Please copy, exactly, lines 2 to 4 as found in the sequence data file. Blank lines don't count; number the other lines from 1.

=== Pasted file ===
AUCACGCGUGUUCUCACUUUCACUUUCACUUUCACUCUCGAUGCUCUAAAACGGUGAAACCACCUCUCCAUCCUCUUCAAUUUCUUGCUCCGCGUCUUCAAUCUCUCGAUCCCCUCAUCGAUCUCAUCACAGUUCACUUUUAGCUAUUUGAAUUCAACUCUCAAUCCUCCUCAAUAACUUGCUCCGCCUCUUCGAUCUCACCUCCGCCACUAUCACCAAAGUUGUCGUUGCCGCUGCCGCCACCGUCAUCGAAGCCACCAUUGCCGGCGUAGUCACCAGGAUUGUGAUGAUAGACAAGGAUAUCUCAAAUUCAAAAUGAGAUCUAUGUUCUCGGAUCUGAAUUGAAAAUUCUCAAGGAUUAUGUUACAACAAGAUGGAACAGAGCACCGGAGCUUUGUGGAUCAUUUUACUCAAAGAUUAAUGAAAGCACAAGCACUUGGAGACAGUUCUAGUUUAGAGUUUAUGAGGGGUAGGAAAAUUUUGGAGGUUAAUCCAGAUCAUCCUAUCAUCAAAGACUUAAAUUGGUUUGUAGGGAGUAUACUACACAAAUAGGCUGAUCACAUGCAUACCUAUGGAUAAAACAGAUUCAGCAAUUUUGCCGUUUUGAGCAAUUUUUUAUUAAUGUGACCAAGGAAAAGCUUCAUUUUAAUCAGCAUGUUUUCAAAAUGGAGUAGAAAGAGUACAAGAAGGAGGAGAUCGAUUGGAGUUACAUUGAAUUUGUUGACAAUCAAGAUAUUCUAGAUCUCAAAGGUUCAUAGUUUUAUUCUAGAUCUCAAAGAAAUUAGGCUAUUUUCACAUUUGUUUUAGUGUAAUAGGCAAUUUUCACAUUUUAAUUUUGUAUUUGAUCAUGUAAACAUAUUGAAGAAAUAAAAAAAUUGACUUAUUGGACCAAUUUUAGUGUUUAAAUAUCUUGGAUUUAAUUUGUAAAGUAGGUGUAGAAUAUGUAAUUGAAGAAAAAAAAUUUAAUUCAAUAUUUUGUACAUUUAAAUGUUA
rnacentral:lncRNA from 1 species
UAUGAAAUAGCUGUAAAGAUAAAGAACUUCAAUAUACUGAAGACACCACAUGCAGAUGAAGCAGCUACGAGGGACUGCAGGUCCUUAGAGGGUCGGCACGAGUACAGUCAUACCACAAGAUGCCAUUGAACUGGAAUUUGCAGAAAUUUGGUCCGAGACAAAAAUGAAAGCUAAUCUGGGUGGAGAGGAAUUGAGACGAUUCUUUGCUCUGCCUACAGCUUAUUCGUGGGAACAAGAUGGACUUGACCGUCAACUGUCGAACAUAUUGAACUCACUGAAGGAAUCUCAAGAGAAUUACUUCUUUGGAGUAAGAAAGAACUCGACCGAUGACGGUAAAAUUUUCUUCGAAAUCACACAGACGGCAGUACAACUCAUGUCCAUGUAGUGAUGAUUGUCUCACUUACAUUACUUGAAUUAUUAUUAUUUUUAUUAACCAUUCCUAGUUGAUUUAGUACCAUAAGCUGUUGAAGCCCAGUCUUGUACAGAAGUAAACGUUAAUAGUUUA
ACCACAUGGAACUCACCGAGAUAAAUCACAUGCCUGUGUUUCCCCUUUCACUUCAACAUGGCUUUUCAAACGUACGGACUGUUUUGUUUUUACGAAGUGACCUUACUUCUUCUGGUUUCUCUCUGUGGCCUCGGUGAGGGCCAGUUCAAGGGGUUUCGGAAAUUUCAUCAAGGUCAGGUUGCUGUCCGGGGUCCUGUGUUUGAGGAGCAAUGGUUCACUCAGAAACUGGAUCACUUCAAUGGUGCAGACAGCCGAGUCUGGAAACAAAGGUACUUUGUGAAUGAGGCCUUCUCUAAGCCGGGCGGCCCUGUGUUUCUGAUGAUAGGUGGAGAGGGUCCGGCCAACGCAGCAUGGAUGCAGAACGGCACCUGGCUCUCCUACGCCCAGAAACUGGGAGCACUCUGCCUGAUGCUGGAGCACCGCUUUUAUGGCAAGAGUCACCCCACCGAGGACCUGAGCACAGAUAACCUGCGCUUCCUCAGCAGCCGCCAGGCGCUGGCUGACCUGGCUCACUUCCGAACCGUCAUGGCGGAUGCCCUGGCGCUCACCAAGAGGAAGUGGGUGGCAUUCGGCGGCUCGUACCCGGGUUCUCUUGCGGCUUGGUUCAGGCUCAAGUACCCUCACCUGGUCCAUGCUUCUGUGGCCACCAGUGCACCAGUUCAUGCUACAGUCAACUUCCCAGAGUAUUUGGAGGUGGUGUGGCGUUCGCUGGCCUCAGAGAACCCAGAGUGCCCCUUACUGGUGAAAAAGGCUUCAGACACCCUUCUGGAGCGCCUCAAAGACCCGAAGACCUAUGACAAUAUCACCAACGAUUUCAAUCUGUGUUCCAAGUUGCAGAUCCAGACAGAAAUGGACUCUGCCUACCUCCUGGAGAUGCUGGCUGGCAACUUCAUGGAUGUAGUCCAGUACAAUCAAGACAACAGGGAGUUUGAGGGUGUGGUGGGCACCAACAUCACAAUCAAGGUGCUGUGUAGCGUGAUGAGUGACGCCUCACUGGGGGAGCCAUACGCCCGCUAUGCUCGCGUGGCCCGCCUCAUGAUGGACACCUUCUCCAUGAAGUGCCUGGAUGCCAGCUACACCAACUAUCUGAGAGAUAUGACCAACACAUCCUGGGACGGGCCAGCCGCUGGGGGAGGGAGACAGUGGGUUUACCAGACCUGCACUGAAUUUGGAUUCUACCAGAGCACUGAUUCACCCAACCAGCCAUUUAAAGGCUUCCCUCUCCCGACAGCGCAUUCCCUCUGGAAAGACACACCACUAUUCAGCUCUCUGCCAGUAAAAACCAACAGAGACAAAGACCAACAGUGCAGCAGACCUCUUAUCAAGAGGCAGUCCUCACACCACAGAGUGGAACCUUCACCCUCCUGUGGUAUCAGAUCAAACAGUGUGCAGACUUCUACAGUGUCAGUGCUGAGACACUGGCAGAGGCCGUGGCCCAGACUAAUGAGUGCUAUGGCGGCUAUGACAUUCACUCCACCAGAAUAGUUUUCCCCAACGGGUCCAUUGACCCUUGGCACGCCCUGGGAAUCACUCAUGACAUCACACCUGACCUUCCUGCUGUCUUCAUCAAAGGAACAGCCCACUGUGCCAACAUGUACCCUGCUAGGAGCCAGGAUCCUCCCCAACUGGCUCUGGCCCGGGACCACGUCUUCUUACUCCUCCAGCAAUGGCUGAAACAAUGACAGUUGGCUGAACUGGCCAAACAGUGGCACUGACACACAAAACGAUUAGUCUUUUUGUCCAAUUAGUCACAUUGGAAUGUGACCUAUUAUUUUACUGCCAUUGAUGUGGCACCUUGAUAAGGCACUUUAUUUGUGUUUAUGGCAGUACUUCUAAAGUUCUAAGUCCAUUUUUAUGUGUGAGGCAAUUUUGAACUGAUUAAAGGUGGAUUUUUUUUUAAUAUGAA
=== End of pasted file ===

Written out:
rnacentral:lncRNA from 1 species
UAUGAAAUAGCUGUAAAGAUAAAGAACUUCAAUAUACUGAAGACACCACAUGCAGAUGAAGCAGCUACGAGGGACUGCAGGUCCUUAGAGGGUCGGCACGAGUACAGUCAUACCACAAGAUGCCAUUGAACUGGAAUUUGCAGAAAUUUGGUCCGAGACAAAAAUGAAAGCUAAUCUGGGUGGAGAGGAAUUGAGACGAUUCUUUGCUCUGCCUACAGCUUAUUCGUGGGAACAAGAUGGACUUGACCGUCAACUGUCGAACAUAUUGAACUCACUGAAGGAAUCUCAAGAGAAUUACUUCUUUGGAGUAAGAAAGAACUCGACCGAUGACGGUAAAAUUUUCUUCGAAAUCACACAGACGGCAGUACAACUCAUGUCCAUGUAGUGAUGAUUGUCUCACUUACAUUACUUGAAUUAUUAUUAUUUUUAUUAACCAUUCCUAGUUGAUUUAGUACCAUAAGCUGUUGAAGCCCAGUCUUGUACAGAAGUAAACGUUAAUAGUUUA
ACCACAUGGAACUCACCGAGAUAAAUCACAUGCCUGUGUUUCCCCUUUCACUUCAACAUGGCUUUUCAAACGUACGGACUGUUUUGUUUUUACGAAGUGACCUUACUUCUUCUGGUUUCUCUCUGUGGCCUCGGUGAGGGCCAGUUCAAGGGGUUUCGGAAAUUUCAUCAAGGUCAGGUUGCUGUCCGGGGUCCUGUGUUUGAGGAGCAAUGGUUCACUCAGAAACUGGAUCACUUCAAUGGUGCAGACAGCCGAGUCUGGAAACAAAGGUACUUUGUGAAUGAGGCCUUCUCUAAGCCGGGCGGCCCUGUGUUUCUGAUGAUAGGUGGAGAGGGUCCGGCCAACGCAGCAUGGAUGCAGAACGGCACCUGGCUCUCCUACGCCCAGAAACUGGGAGCACUCUGCCUGAUGCUGGAGCACCGCUUUUAUGGCAAGAGUCACCCCACCGAGGACCUGAGCACAGAUAACCUGCGCUUCCUCAGCAGCCGCCAGGCGCUGGCUGACCUGGCUCACUUCCGAACCGUCAUGGCGGAUGCCCUGGCGCUCACCAAGAGGAAGUGGGUGGCAUUCGGCGGCUCGUACCCGGGUUCUCUUGCGGCUUGGUUCAGGCUCAAGUACCCUCACCUGGUCCAUGCUUCUGUGGCCACCAGUGCACCAGUUCAUGCUACAGUCAACUUCCCAGAGUAUUUGGAGGUGGUGUGGCGUUCGCUGGCCUCAGAGAACCCAGAGUGCCCCUUACUGGUGAAAAAGGCUUCAGACACCCUUCUGGAGCGCCUCAAAGACCCGAAGACCUAUGACAAUAUCACCAACGAUUUCAAUCUGUGUUCCAAGUUGCAGAUCCAGACAGAAAUGGACUCUGCCUACCUCCUGGAGAUGCUGGCUGGCAACUUCAUGGAUGUAGUCCAGUACAAUCAAGACAACAGGGAGUUUGAGGGUGUGGUGGGCACCAACAUCACAAUCAAGGUGCUGUGUAGCGUGAUGAGUGACGCCUCACUGGGGGAGCCAUACGCCCGCUAUGCUCGCGUGGCCCGCCUCAUGAUGGACACCUUCUCCAUGAAGUGCCUGGAUGCCAGCUACACCAACUAUCUGAGAGAUAUGACCAACACAUCCUGGGACGGGCCAGCCGCUGGGGGAGGGAGACAGUGGGUUUACCAGACCUGCACUGAAUUUGGAUUCUACCAGAGCACUGAUUCACCCAACCAGCCAUUUAAAGGCUUCCCUCUCCCGACAGCGCAUUCCCUCUGGAAAGACACACCACUAUUCAGCUCUCUGCCAGUAAAAACCAACAGAGACAAAGACCAACAGUGCAGCAGACCUCUUAUCAAGAGGCAGUCCUCACACCACAGAGUGGAACCUUCACCCUCCUGUGGUAUCAGAUCAAACAGUGUGCAGACUUCUACAGUGUCAGUGCUGAGACACUGGCAGAGGCCGUGGCCCAGACUAAUGAGUGCUAUGGCGGCUAUGACAUUCACUCCACCAGAAUAGUUUUCCCCAACGGGUCCAUUGACCCUUGGCACGCCCUGGGAAUCACUCAUGACAUCACACCUGACCUUCCUGCUGUCUUCAUCAAAGGAACAGCCCACUGUGCCAACAUGUACCCUGCUAGGAGCCAGGAUCCUCCCCAACUGGCUCUGGCCCGGGACCACGUCUUCUUACUCCUCCAGCAAUGGCUGAAACAAUGACAGUUGGCUGAACUGGCCAAACAGUGGCACUGACACACAAAACGAUUAGUCUUUUUGUCCAAUUAGUCACAUUGGAAUGUGACCUAUUAUUUUACUGCCAUUGAUGUGGCACCUUGAUAAGGCACUUUAUUUGUGUUUAUGGCAGUACUUCUAAAGUUCUAAGUCCAUUUUUAUGUGUGAGGCAAUUUUGAACUGAUUAAAGGUGGAUUUUUUUUUAAUAUGAA